Long-term capital gains are taxed at either 0%, 15%, or 20%, depending on the amount of other income the taxpayer is reporting. Most taxpayers pay a long-term capital gains tax of 15% or less. In addition to long-term capital gains taxes, some taxpayers may also be subject to Net Investment Income Tax (NIIT) on their long-term capital gains. The NIIT is an additional 3.8% tax that applies in certain situations for taxpayers with income above certain thresholds. NIIT applies for single taxpayers with modified adjusted gross income exceeding $200,000 and married filing jointly taxpayers with modified adjusted gross income exceeding $250,000. Because of NIIT, the total federal tax on long-term capital gains may be as high as 23.8%.

How can I avoid capital gains taxes?

One of the most common ways to avoid capital gains taxes when selling your primary residence is to claim a Section 121 exclusion (also known as the primary residence exclusion). To qualify for a primary residence exclusion on the sale of your home, you must pass the ownership test and the use test. You are generally eligible for the exclusion if you owned and used the residence as your main home for at least two years during the five-year period ending on the date of the sale of the residence. A single taxpayer who qualifies for the exclusion can exclude up to $250,000 of capital gain from the sale of a primary residence, and a married couple filing jointly can exclude up to $500,000 of capital gain. Because the tax benefits are significant, taxpayers will sometimes move into an investment or rental property for two years prior to selling the property so that the exclusion will apply. If you are thinking about selling real estate but do not currently qualify for the primary residence exclusion, a Rocket Lawyer network attorney can help you determine the steps to take to ensure that you qualify for this valuable exclusion.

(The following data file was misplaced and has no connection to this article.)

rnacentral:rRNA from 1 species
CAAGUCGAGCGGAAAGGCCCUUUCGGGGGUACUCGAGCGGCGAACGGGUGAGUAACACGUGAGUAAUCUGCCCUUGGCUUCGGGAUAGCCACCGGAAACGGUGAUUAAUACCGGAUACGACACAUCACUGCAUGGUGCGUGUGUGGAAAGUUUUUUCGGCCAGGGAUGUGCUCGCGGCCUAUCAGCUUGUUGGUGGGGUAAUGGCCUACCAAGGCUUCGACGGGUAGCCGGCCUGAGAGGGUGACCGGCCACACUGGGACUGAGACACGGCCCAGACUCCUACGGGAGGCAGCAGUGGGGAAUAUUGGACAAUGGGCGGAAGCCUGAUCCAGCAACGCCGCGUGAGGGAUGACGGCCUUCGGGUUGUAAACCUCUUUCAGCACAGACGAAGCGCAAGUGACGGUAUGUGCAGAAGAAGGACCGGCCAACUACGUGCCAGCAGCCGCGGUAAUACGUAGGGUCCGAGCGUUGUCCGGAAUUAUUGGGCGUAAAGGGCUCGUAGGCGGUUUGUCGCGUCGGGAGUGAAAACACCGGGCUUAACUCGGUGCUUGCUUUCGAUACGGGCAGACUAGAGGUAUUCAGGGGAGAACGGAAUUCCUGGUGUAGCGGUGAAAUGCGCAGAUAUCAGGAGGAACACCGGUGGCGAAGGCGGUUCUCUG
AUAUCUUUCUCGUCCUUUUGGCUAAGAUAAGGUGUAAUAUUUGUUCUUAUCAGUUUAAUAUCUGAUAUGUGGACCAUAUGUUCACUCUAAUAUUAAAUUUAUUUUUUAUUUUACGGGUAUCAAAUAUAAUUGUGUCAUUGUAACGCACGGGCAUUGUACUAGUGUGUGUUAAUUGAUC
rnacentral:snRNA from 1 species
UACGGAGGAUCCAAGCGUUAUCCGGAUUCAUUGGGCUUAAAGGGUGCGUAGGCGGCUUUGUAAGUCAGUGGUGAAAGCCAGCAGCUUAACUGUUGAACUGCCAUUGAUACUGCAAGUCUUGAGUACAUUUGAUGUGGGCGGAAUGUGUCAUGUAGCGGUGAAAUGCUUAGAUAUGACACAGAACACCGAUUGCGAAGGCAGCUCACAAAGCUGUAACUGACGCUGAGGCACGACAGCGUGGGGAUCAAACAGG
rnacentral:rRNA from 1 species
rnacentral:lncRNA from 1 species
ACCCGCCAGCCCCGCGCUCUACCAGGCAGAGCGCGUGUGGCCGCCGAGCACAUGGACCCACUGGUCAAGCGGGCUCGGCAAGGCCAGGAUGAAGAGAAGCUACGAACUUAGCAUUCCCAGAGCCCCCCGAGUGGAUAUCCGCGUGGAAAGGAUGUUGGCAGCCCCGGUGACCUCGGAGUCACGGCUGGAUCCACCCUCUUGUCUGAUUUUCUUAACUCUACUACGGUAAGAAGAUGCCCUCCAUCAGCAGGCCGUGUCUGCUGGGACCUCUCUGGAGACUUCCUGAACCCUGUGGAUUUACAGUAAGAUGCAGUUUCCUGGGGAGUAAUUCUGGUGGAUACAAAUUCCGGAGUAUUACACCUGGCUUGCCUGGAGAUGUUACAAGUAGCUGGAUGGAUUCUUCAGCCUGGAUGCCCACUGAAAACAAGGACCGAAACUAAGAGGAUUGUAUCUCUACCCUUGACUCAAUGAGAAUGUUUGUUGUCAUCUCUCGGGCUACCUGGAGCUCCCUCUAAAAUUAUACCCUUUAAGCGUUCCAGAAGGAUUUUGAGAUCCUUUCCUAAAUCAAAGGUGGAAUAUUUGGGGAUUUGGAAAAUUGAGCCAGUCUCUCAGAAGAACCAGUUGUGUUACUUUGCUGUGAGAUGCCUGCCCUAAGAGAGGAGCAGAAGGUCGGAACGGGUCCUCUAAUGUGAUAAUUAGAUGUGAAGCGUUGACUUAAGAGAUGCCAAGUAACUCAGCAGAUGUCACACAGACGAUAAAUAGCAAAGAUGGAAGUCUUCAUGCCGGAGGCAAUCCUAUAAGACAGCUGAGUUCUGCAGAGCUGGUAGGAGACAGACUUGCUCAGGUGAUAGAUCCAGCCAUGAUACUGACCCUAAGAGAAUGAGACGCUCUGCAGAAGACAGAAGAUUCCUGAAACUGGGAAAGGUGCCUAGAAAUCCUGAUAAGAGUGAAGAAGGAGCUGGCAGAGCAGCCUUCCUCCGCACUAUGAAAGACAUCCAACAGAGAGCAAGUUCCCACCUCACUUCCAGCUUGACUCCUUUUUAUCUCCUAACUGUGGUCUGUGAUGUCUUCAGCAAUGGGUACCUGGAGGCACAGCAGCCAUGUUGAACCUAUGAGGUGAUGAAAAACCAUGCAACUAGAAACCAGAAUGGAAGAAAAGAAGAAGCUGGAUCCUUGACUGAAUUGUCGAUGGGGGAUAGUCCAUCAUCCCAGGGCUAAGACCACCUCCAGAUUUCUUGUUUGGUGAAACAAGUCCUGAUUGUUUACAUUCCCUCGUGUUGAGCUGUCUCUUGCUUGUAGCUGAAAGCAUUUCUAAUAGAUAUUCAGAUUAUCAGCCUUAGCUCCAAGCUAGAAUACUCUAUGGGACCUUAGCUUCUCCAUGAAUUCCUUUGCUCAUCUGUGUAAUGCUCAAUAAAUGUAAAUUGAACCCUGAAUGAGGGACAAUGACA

There are other ways to reduce capital gains taxes when selling real estate. If you are selling investment property, you may be able to do a 1031 exchange. In a 1031 exchange, you essentially swap one real estate investment property for a different real estate investment property and defer the capital gains on the transaction. Special rules apply when conducting a 1031 exchange, so working with an attorney or tax professional can help make the process easier.

Capital gains taxes may also be reduced by adding expenses such as closing cost, realtor fees, and capital repairs and improvements to your basis. Increasing your basis directly reduces the amount of net capital gains. Finally, you may be able to use capital losses from the sale of other assets to offset the capital gains of selling your real estate. For example, if you sell stocks for a long-term loss of $20,000 and you have $50,000 of long-term capital gains from selling real estate, you can subtract the capital loss from the capital gain to lower your net capital gain to $30,000.


With the right planning, and some tax and legal help, you may be able to significantly reduce the capital gains taxes resulting from the sale of real estate.

This article contains general legal information and does not contain legal advice. Rocket Lawyer is not a law firm or a substitute for an attorney or law firm. The law is complex and changes often. For legal advice, please ask a lawyer.